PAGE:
Fourteen successful albums.
Collaborations with some of the biggest names in music.
Over 2 million albums sold.
Featured music in television, movies and video games.
Winner of the Left Field Woodie award at the mtvU Woodie Awards.
It is safe to say Tech N9ne has made a prominent name for himself, not only in Kansas City, but all over the country.
Aaron Dontex Yantes, the rapper’s birth name, was born Nov. 8, 1971, in Kansas City, Mo.
He had somewhat of a rough childhood, never having met his father and growing up with a mother who was suffering from epilepsy and lupus.
These challenges forced him to seek God as well as find comfort in music.
He began rapping at an early age and was a part of many musical groups before going solo.
Tech N9ne is known for his fast, “chopper” style technique of rapping, which is also where his name derived from.
Rapper Black Walt gave him the name Tech N9ne, which originated from the Tec-9 semi-automatic handgun, which shoots in a similar style.
Blue Valley junior Jerry Birts and senior Michael Birts are the nephews of this famous rapper and know firsthand how successful he has become.
“He started in high school with some of his friends and just kind of became big in [Kansas City] and grew from there,” Jerry said.
Jerry credits the success of his uncle’s music to its unique sound.
“His music was a mixture of rock and rap,” he said. “It was kind of diverse, so more people like it.”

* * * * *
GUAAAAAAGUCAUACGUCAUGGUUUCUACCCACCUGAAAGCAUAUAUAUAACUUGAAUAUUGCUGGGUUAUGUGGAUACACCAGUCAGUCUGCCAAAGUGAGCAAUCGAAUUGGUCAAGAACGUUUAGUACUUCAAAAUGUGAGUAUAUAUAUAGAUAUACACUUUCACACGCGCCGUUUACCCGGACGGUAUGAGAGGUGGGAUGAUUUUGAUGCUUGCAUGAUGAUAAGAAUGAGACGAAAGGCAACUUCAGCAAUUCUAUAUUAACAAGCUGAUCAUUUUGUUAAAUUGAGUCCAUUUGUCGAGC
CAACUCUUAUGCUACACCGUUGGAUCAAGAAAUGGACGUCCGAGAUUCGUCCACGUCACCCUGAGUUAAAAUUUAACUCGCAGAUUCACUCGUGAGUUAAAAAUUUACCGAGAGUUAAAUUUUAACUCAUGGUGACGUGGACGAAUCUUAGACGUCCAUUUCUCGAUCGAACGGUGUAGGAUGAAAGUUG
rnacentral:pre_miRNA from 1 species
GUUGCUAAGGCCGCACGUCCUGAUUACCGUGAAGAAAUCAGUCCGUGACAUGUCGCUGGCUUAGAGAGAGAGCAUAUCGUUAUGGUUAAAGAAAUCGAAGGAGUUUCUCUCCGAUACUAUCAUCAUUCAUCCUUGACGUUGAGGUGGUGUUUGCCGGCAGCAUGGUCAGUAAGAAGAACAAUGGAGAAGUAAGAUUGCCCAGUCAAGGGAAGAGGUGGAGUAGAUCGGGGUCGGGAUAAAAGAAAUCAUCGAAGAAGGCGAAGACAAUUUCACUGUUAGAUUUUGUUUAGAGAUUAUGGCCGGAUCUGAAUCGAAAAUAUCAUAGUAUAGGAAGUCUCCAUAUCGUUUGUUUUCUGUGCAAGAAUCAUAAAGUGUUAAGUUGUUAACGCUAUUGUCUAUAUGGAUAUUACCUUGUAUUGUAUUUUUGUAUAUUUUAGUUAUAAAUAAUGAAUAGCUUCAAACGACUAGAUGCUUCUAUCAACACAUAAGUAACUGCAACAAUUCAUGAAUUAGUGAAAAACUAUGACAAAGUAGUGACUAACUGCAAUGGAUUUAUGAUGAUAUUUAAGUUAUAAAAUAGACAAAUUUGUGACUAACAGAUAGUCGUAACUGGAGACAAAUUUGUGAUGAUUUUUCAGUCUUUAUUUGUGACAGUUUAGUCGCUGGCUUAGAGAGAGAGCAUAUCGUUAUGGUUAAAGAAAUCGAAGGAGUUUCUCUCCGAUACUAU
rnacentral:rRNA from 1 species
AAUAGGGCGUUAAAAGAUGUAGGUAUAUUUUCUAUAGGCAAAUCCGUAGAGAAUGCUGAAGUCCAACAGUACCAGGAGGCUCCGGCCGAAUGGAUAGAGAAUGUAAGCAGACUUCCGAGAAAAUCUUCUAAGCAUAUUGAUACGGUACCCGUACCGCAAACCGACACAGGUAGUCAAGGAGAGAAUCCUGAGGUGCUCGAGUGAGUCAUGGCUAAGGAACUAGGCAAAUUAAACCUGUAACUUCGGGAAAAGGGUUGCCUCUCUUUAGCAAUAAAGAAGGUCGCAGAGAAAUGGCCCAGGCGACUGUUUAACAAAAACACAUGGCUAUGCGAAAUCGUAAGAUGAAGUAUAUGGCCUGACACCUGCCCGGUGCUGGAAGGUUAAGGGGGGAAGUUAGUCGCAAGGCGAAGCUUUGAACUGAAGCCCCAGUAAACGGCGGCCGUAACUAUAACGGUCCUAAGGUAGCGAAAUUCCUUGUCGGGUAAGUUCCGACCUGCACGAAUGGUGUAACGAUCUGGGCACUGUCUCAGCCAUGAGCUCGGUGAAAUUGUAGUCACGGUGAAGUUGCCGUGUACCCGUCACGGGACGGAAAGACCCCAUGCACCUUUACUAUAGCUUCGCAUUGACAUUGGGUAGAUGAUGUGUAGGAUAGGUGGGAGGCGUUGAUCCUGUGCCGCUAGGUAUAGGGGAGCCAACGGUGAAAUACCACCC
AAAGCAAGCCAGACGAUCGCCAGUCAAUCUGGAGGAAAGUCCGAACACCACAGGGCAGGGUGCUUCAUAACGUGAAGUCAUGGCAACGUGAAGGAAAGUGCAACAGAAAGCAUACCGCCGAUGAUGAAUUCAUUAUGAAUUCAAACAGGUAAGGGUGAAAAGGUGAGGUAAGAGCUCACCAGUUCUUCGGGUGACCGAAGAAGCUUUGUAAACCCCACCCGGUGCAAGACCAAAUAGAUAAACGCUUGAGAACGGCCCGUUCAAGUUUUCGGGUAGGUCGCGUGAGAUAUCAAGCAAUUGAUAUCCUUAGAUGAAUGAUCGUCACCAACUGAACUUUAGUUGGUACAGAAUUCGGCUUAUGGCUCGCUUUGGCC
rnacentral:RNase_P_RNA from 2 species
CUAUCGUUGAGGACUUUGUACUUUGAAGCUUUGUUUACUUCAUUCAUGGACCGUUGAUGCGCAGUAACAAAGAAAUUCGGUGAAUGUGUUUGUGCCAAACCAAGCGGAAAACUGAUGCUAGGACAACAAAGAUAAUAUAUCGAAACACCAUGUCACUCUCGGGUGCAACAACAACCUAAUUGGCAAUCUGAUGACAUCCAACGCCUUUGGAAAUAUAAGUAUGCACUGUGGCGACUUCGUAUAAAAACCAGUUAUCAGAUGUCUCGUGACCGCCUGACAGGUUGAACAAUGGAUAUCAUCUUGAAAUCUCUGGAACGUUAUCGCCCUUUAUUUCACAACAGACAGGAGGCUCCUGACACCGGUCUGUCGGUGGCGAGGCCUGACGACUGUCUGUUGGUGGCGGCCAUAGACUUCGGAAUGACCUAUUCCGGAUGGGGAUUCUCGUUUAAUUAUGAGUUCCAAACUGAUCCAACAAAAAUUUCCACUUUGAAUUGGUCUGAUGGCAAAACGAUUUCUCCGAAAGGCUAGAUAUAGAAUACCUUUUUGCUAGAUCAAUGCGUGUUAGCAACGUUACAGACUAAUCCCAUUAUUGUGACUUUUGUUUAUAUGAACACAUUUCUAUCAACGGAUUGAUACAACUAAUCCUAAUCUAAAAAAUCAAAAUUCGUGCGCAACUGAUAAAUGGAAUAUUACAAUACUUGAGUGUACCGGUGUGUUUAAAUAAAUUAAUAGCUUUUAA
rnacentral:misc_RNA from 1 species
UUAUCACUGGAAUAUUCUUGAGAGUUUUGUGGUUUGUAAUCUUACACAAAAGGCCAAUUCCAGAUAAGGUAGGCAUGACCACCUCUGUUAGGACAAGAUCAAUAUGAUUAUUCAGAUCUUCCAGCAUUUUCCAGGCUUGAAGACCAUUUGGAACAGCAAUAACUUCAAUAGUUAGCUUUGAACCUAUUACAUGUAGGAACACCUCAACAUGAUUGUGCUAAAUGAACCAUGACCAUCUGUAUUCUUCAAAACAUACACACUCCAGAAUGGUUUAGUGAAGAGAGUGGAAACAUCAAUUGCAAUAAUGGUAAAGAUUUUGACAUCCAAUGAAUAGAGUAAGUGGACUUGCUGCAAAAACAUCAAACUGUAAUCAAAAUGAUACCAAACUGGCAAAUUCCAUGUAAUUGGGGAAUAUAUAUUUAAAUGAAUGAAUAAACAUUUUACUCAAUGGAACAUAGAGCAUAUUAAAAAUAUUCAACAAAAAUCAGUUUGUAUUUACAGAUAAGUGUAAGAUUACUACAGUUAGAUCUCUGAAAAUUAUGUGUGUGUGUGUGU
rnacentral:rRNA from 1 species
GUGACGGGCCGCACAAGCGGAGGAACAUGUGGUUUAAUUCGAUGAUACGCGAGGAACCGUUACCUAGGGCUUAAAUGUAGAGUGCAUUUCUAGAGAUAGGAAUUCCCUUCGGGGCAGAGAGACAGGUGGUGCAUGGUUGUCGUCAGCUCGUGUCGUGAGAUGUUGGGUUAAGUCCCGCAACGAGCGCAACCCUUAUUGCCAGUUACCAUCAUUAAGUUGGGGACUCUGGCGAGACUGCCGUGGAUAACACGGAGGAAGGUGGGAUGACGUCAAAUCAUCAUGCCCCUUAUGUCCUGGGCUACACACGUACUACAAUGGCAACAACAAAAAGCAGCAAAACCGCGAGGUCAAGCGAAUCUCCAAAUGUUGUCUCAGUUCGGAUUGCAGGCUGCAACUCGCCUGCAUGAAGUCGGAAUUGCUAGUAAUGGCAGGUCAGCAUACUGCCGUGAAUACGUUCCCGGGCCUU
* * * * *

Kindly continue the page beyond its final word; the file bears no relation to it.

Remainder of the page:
One of Jerry’s favorite memories of his uncle was a Christmas a few years back, when he came to his house and spent the holidays with his family.
“We just hung out, and it was really fun,” he said. “Everyone enjoyed having him there.”
Jerry said he does not usually start conversations with his claim to fame, because it leads to a lot of curiosity among his fellow students.
“I told some people, but now everyone seems to know,” he said. “It doesn’t really bother me, but I don’t want all these questions all the time.”
According to Jerry, the most common question he gets is if he can get tickets to Tech N9ne concerts. Surprisingly, Jerry himself does not attend his uncle’s concerts.
“I don’t go to his concerts,” Jerry said. “I don’t really listen to Tech N9ne that much. I listened to him growing up, so I’ve just kind of grown out of it.”
Jerry said he shares his uncles connection to music. However, rap isn’t his prefered style.
“I can’t really rap in choir,” he said. “I like choir music because I can dance to it, and I like dancing.”
Jerry said music runs in the family, and singing is something they all enjoy to do.
“My mom was actually a really good singer, too, and they have demo CD’s together,” he said. “She could probably go take it to a company and get signed.”
Although Jerry said he wouldn’t consider his uncle a personal inspiration, he realizes how influential his music and story could be to other people.
“I would consider him an inspiration to some people because he kind of started from the bottom and has made his way to the top,” he said.